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No increased mortality in incident cases of rheumatoid arthritis during the new millennium
  1. K Puolakka1,
  2. H Kautiainen2,3,
  3. T Pohjolainen3,
  4. L Virta4
  1. 1Department of Medicine, Lappeenranta Central Hospital, Lappeenranta, Finland
  2. 2Unit of Family Practice, Central Finland Central Hospital, Jyväskylä, Finland
  3. 3Rehabilitation Unit, Orton Hospital, Helsinki, Finland
  4. 4Social Insurance Institution, Research Department, Turku, Finland
  1. Correspondence to Kari Puolakka, Department of Medicine, Lappeenranta Central Hospital, Valto Käkelän katu 1, Lappeenranta FIN-53130, Finland; kari.puolakka{at}fimnet.fi

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Ample evidence shows that rheumatoid arthritis (RA) is associated with a shortened life expectancy, with indicators of severe disease and rheumatoid factor (RF) as risk factors.1,,3 Early and aggressive treatment strategies over the past decade have resulted in more favourable functional and radiological outcomes, probably also having an impact on mortality. Methotrexate treatment has been associated with decreased preterm deaths.4 Some studies have found no difference in mortality between patients and the general population.5 6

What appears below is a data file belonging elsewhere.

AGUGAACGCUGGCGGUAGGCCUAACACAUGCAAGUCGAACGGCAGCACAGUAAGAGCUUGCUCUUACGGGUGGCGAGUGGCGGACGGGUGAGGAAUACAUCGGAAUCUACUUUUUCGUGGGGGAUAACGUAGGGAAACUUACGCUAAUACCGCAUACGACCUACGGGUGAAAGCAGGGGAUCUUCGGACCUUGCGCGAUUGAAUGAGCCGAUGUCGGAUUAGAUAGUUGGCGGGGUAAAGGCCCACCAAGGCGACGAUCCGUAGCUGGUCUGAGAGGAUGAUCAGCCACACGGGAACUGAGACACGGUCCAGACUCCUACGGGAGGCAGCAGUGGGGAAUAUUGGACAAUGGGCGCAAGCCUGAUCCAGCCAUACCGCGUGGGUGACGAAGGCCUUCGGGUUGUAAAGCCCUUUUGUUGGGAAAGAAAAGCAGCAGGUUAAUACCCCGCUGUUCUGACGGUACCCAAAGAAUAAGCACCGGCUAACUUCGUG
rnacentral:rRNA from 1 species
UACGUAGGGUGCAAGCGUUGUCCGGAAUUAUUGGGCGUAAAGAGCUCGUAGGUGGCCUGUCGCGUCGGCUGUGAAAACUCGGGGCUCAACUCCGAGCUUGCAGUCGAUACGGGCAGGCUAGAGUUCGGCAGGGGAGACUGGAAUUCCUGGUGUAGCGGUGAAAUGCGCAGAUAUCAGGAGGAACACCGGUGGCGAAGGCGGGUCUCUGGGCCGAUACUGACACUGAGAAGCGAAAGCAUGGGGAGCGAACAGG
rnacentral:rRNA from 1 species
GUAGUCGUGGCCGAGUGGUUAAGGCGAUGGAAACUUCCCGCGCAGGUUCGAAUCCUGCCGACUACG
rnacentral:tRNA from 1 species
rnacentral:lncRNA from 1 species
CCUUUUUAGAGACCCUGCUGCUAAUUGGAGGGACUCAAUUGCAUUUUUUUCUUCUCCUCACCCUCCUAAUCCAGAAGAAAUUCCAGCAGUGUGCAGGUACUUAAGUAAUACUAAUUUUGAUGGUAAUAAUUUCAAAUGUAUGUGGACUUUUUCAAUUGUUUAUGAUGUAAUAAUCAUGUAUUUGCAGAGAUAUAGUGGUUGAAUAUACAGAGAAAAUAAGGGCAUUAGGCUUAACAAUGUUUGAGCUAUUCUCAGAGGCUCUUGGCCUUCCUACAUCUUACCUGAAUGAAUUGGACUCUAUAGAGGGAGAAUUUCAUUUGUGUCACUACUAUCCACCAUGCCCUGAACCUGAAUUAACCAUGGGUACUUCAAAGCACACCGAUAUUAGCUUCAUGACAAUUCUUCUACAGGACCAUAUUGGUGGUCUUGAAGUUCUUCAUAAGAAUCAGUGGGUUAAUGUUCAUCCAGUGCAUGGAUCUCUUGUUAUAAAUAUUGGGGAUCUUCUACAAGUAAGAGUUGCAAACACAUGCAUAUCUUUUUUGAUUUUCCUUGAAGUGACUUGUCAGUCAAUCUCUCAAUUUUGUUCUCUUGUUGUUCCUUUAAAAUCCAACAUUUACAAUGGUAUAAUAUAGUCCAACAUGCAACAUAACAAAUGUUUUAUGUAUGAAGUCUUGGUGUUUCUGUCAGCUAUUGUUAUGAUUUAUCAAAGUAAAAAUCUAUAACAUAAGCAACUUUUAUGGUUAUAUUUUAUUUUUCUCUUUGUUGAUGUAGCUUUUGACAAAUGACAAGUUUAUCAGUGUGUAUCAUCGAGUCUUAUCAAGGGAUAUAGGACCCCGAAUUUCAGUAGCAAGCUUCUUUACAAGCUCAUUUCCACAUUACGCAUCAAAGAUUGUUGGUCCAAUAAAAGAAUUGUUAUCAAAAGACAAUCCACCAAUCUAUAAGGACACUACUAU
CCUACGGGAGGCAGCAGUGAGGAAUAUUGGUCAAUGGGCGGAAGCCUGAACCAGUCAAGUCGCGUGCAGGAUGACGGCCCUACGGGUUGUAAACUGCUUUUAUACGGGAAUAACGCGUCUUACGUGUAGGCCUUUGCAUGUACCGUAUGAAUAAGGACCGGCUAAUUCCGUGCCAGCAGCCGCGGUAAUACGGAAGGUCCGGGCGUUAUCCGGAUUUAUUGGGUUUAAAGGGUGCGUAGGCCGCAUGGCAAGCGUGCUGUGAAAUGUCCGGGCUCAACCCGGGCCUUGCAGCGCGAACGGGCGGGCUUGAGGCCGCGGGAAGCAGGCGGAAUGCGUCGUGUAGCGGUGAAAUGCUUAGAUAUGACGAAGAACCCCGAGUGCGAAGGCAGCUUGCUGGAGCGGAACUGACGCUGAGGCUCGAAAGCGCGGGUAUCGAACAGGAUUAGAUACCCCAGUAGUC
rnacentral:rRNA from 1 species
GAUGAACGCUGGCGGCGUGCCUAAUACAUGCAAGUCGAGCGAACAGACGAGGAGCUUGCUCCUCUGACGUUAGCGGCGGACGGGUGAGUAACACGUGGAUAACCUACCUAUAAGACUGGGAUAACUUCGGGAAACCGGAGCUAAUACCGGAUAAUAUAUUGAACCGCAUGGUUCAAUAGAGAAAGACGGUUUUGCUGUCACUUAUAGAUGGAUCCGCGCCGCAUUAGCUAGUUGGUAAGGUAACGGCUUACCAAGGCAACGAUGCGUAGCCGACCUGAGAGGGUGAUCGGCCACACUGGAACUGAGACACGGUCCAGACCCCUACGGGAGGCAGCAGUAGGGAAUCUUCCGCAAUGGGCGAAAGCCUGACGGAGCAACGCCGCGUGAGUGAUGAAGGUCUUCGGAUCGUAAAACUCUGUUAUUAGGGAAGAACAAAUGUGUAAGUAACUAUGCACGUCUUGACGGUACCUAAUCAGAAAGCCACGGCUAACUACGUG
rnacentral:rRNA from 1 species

To examine the present status in Finland, we used the national registry of the Social Insurance Institution, covering all residents, to identify all incident cases of RA with an index day between 1 January 2000 and 31 December 2007. The case definition was eligibility—for the first time during the lifetime—for special …

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